Former Kernel editor receives awards for Appalachia documentary


UK alumna Ashley York won the Documentary Award at the LA Film Festival in September, qualifing the documentary “hillbilly” for the Oscars.

A former Kernel editor has been collecting honors and awards for her documentary delving into the stereotype of the “hillbilly.”

Ashley York, a 2002 UK journalism grad, won the Documentary Award at the LA Film Festival in September, qualifying the documentary, called hillbilly, for the Oscars.

In the documentary, York and her co-producer and co-director Sally Rubin aimed to explore how Appalachian bias plays into today’s political climate.

York was born and raised in eastern Kentucky, where her family has lived for six generations. Filming for hillbilly took place in Tennessee, Georgia, North Carolina, Ohio, Virginia and West Virginia, but mainly in her home of Kentucky. York wanted to “expand the way people see and think about poverty, southern, and rural identity in contemporary America.”

“My intention in making this film is to contribute something meaningful to the culture about this complex topic and to bring a personal perspective,” York said. “I hope this film can serve as a productive way to bring voice to some very challenging issues and inspire critical discourse that raises consciousness and advances progress.”

The film features a long list of notable people, according to the website, including bell hooks, Ronny Cox and Billy Redden from Deliverance, director Michael Apted, activists and writers Frank X Walker, Crystal Good, and Silas House, and musicians Sam Gleaves and Amythyst Kiah.

York said she is “motivated by innovative approaches to storytelling, and by the desire to elevate the voices of marginalized and vulnerable people.”

She said she finds great inspiration in the work of bell hooks.

“I learned about her work while a student at UK, and her work and scholarship transformed my perspective in every way,” York said. “It was a dream come true to interview her for the film.”

During time as a UK student, York worked for various news agencies and publications, including the Lexington Herald-Leader, WUKY, WRFL and the Kentucky Kernel. She worked as the news editor before serving as editor-in-chief during the 2001-02 academic year.

“My work at the Kernel was transformative because it gave me access to a space where I could learn how to write news and begin the practice of reporting and working with people to tell their stories,” York said. “It was also a space where I began to understand ethics in storytelling and learned how to collaborate with others and work toward a common goal of publishing a daily newspaper.”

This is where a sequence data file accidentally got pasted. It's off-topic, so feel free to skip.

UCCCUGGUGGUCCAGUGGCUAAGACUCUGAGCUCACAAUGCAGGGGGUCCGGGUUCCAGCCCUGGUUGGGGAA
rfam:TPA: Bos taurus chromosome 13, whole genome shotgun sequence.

Documentary form first began to interest her while she was a student. She remembers watching Barbara Kopple’s Harlan County USA (1976) and being deeply inspired. This film, along with Anne Lewis’ Fast Food Women (1991) and Elizabeth Barret’s Coalmining Women (1982), inspired her to make documentary films.

“Seeing that film was an ‘aha’ moment because it was the first time I saw the people of east Kentucky be portrayed in a way that was nuanced and complex and it was unlike so many of the mass media portrayals of rural people I saw growing up, which were ultimately negative and hateful,” York said.

After graduating from UK with a degree in journalism, York moved to Los Angeles and enrolled in an MFA program at the University of Southern California’s School of Cinematic Arts. During her second semester, she interned at a production company on a feature documentary. She has now been producing documentaries and doc-series for 16 years for Netflix, Sundance Channel, Discovery, HBO, Discovery and National Geographic. Her first film, Tig, was a Netflix Original and premiered at the 2015 Sundance Film Festival.

York has been teaching for nine years at the USC School of Cinematic Arts in the Division of Media Arts + Practice. She is a member of Women in Film, the International Documentary Association and a founding member of the Take Action Games. York used her journalism degree in a non-traditional way and offers advice for students who are hoping to succeed in the journalism world and beyond.

“Be truthful. Trust that the stories you want to tell need to be told. Trust your own voice and tell stories that no one else can. Learn to honor and speak your truth. Be experimental in your approach. Work with people you both agree and disagree with. Work with people who challenge you,” York said. “Listen and be kind.”

The documentary will screen on Monday, Oct. 29, 2018, at EKU as part of Appalachia Days. More information is available at